However, I gave myself a small caveat that I might wait until 2015 in order to pair it with my big birthday.
After spending more time in the pool and on the bike than ever before, I finally got the nerve to sign up for the Seafair Triathlon. It includes a 1 mile swim, 20 mile bike, and 6.2 mile run. But enough of the boring details, let's jump right into race day, shall we?
The transition area was filled with mostly super-fit and experienced triathletes, me, and one guy who was not up to speed on all the finer details of the course.
It took an hour between getting into transition and getting into the water. I wandered in with my wave and just as we were being counted down I looked around and discovered I was right up near the front.
How did that happen?? What a terrible place to be!
Before I had a chance to do anything about it, we were off! There was a flurry of arms, torsos, and legs as all the skilled swimmers ran me over, but then I had my own space in the water.
It took me a...while...to get into my swimming rhythm. Ok it took half a mile; the entire first loop. Part of it was just getting my swim groove, part of it was navigating the course (more on that in a minute) and part of it was the one girl who kept swimming into me.
There's always one.
At the time I was super annoyed because I kept moving out of her way and then she would just swim right back into me over and over again! But I think the issue was that she swam to the left and I swam right. Eventually I managed to move away from her for good, and decided to just enjoy the swim.
There was only one teeny tiny little problem with that.
I really need to work on my sighting.
I'm pretty sure this is an accurate portrayal of my swim; the course is in red, the yellow arrows are me.
Needless to say, I was incredibly happy to make it out of the water and head over to transition. I spent a leisurely 7 minutes and 5 seconds removing my wetsuit, drying my feet, getting my bike shoes on, and re-applying sunscreen.
That's, like, an hour in triathlon time. But it was awfully nice to have space to myself since everyone else at my rack was already on the bike.
I started my ride, and a few minutes in I noticed my friend Diana standing on the side of the road. By the time it registered, I was already passing her. I shouted hello and then realized she had brought two more friends, Jess and Amanda with her!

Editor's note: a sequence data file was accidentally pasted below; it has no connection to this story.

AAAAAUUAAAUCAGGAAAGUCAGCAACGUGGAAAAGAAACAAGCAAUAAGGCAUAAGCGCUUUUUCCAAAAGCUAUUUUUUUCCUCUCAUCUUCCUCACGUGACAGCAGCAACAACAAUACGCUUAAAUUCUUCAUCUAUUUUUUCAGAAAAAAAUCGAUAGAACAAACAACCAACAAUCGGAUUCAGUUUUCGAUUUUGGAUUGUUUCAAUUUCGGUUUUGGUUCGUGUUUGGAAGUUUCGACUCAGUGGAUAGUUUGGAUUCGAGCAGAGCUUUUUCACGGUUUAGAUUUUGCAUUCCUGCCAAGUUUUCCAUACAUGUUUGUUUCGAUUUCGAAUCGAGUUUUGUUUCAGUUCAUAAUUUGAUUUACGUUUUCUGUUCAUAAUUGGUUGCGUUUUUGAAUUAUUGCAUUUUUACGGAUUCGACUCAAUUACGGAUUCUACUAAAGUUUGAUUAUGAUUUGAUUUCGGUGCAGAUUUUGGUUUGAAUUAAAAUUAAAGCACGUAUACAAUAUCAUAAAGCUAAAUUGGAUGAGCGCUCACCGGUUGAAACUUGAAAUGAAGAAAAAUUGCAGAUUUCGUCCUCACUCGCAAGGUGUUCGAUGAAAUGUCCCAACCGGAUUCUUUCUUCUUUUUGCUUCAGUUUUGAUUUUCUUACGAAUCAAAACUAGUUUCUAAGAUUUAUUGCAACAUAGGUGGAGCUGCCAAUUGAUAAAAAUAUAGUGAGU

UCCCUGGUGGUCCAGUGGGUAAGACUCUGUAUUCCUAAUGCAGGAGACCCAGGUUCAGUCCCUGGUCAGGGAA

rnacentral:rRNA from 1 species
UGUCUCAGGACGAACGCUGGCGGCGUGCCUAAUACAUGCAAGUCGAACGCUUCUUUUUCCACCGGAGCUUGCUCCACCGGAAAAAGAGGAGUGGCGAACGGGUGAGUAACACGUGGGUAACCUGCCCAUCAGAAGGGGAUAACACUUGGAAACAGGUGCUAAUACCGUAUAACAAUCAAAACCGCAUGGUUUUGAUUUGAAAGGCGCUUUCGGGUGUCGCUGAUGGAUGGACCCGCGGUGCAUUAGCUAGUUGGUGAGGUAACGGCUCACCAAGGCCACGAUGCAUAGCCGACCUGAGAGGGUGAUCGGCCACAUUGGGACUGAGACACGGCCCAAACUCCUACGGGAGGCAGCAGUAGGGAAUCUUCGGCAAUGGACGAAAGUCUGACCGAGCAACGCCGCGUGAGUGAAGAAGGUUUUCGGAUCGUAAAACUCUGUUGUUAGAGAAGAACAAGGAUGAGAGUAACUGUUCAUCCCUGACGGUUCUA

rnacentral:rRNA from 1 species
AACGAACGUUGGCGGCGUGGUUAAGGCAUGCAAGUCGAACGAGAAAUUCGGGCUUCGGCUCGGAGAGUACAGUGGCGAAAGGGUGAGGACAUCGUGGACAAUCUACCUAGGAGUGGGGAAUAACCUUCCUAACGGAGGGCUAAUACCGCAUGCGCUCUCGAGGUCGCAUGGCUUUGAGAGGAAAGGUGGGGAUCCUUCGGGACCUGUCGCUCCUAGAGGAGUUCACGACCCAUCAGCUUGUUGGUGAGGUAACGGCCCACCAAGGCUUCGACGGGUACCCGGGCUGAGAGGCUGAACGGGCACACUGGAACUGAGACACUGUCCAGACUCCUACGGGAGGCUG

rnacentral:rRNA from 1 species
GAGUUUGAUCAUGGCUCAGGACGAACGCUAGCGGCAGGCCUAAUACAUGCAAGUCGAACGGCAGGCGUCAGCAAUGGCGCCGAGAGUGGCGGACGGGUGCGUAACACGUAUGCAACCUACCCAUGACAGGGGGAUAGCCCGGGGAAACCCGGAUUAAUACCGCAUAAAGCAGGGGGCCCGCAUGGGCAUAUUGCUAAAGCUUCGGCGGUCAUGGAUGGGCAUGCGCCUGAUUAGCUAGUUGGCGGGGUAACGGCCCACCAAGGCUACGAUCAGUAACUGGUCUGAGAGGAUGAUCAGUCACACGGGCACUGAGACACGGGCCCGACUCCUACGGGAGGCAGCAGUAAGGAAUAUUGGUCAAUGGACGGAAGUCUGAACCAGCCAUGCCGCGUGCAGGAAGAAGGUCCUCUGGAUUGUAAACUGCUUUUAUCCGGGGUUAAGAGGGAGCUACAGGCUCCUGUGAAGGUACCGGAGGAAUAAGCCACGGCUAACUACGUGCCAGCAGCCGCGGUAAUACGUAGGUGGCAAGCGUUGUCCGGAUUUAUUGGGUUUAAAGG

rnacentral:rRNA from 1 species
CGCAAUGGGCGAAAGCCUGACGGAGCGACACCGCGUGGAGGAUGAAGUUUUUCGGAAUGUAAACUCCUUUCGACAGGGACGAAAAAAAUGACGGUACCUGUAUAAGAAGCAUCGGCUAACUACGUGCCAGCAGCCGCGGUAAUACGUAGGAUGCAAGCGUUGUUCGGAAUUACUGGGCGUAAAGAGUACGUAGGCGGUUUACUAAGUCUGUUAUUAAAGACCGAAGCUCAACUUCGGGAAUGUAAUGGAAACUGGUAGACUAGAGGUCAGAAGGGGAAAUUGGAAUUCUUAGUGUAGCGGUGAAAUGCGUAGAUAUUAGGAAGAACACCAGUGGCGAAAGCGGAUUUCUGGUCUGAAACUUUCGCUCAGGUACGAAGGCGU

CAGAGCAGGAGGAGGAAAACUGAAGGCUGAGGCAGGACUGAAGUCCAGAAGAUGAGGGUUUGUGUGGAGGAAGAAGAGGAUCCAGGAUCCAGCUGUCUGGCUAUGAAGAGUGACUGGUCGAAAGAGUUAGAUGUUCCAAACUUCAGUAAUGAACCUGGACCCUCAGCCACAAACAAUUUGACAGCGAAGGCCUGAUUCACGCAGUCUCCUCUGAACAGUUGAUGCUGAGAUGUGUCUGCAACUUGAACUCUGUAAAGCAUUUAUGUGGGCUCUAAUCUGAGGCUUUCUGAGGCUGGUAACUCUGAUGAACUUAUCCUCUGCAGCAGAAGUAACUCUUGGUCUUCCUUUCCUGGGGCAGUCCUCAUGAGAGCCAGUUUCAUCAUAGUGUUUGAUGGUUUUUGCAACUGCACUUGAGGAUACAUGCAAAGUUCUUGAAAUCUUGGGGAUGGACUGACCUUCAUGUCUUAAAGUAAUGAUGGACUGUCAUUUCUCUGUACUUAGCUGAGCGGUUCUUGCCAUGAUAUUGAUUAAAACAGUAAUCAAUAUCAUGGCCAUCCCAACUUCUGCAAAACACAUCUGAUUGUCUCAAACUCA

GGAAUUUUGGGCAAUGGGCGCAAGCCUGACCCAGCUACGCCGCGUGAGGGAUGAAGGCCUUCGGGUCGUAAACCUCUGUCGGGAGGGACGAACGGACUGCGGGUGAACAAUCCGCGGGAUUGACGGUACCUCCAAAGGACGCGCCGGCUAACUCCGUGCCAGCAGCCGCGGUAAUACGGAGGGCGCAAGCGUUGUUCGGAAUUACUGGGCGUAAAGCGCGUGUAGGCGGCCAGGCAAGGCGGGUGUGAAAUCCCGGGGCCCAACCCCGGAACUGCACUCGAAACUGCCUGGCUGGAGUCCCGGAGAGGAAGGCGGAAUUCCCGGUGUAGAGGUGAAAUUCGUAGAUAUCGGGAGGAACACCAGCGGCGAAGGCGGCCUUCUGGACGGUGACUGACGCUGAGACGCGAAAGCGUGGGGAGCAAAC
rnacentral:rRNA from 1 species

They jumped up and shouted encouragement at my back.
The Olympic race shared the first/last part of the course with the sprint tri, but when they turned around we went straight. And it got very lonely.
**For those of you who are not familiar with the term WYCWYC, it means "what you can, when you can." You can check it out at wycwyc.com!
*And for those of you unfamiliar with the term DFL, allow me to enlighten you personally:
Anyway, soon after that I hit my turnaround and began to see not just one, but several struggling cyclists still heading toward the turn.
Just kidding, I'll always be a wycwycer.
I continued on, rejoined some sprinters again for a while, then was on my own again as I headed down the hill to the next turnaround. There were no race marshals or even cones to denote the course, but there was an empty police car that marked the turn.
Close to the end I started anticipating my friends and waved madly as I got closer. This time they were ready for me!
I pushed to the end and coasted to a stop at the dismount. And then proceeded to fall over while TriGuy was taking my picture.
With my bruised ego in hand, I went through T2 in 3:45. By then the sun was hot.
I grabbed a cup of water on my way out and started to run. There were about a dozen or so people around and at Mile 2 there was a hill that just kept going. I chatted with a lady as we walked up it together. She was doing the sprint and would not have to do the hill again. Lucky.
There was a water station at the top. It was the only water station on the run. I grabbed a couple of cups and continued down the hill.
I ran past TriGuy and started my second loop.
It was getting really warm at this point.
There were now far fewer runners/walkers. I think I saw five. I did, however, see lots of people out for a walk. I had a conversation with one of them as I was deep in my delirium.
I wasn't positive, but I took his word for it.
I walked up the hill for the second time and the volunteers were already packing up the water table. But I made sure I got what I needed.
I think I drank 2 cups and the rest went on my head and down my shirt.
I headed down the hill and saw a girl going off on a side path because, once again, there were no course markers.
She didn't hear me but I assume she eventually found her way.
Finally, I saw the finish line!
Can I just say how lucky I am to have friends and a husband who will wake up early on the weekend just to shout at me for a few seconds?? You can't beat the adrenaline rush of hearing them cheer you on and seeing their awesome signs!
I crossed the line, got some water, got sent back for my medal, and wandered out of the chute.
Actually, there was no chute by the time I got there. There was just a table stacked with bagels and a handful of bananas.
Our results were posted quickly:
I was truly at the back of the pack. BUT, my swim was 17:34 faster than I thought it would be, and my overall finish was 9:00 faster than I thought. So I am happy with my first Olympic triathlon!
And I got a shiny new medal!
UPCOMING POSTS: SWIMMING DRILLS AND SPEED WORK